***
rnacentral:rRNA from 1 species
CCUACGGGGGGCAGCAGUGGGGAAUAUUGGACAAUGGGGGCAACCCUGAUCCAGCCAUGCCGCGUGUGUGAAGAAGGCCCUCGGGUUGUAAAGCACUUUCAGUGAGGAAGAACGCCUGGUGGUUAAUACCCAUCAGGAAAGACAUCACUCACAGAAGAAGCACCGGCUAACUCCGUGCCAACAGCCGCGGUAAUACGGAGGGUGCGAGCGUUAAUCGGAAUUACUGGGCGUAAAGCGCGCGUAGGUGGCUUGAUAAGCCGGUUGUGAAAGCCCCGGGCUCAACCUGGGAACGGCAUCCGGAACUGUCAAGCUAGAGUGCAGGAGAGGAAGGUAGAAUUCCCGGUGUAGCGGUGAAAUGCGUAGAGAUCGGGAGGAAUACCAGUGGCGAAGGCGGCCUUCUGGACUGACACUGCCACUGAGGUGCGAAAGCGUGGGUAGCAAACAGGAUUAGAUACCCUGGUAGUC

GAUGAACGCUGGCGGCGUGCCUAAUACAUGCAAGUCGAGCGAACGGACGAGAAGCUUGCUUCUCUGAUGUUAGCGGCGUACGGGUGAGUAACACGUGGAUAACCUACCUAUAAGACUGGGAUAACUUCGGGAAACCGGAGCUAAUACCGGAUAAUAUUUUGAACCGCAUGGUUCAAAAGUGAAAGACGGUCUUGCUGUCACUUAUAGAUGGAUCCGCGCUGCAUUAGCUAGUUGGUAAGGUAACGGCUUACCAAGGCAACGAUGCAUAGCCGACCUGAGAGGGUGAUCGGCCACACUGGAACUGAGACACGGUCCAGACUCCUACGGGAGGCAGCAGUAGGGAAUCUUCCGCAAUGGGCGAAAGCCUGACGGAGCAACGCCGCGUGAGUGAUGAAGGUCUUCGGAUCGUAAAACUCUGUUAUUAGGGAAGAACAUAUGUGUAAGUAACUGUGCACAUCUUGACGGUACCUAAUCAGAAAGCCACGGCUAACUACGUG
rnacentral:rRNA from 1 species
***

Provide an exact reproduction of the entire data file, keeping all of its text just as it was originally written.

rnacentral:rRNA from 1 species
CCUACGGGGGGCAGCAGUGGGGAAUAUUGGACAAUGGGGGCAACCCUGAUCCAGCCAUGCCGCGUGUGUGAAGAAGGCCCUCGGGUUGUAAAGCACUUUCAGUGAGGAAGAACGCCUGGUGGUUAAUACCCAUCAGGAAAGACAUCACUCACAGAAGAAGCACCGGCUAACUCCGUGCCAACAGCCGCGGUAAUACGGAGGGUGCGAGCGUUAAUCGGAAUUACUGGGCGUAAAGCGCGCGUAGGUGGCUUGAUAAGCCGGUUGUGAAAGCCCCGGGCUCAACCUGGGAACGGCAUCCGGAACUGUCAAGCUAGAGUGCAGGAGAGGAAGGUAGAAUUCCCGGUGUAGCGGUGAAAUGCGUAGAGAUCGGGAGGAAUACCAGUGGCGAAGGCGGCCUUCUGGACUGACACUGCCACUGAGGUGCGAAAGCGUGGGUAGCAAACAGGAUUAGAUACCCUGGUAGUC

GAUGAACGCUGGCGGCGUGCCUAAUACAUGCAAGUCGAGCGAACGGACGAGAAGCUUGCUUCUCUGAUGUUAGCGGCGUACGGGUGAGUAACACGUGGAUAACCUACCUAUAAGACUGGGAUAACUUCGGGAAACCGGAGCUAAUACCGGAUAAUAUUUUGAACCGCAUGGUUCAAAAGUGAAAGACGGUCUUGCUGUCACUUAUAGAUGGAUCCGCGCUGCAUUAGCUAGUUGGUAAGGUAACGGCUUACCAAGGCAACGAUGCAUAGCCGACCUGAGAGGGUGAUCGGCCACACUGGAACUGAGACACGGUCCAGACUCCUACGGGAGGCAGCAGUAGGGAAUCUUCCGCAAUGGGCGAAAGCCUGACGGAGCAACGCCGCGUGAGUGAUGAAGGUCUUCGGAUCGUAAAACUCUGUUAUUAGGGAAGAACAUAUGUGUAAGUAACUGUGCACAUCUUGACGGUACCUAAUCAGAAAGCCACGGCUAACUACGUG
rnacentral:rRNA from 1 species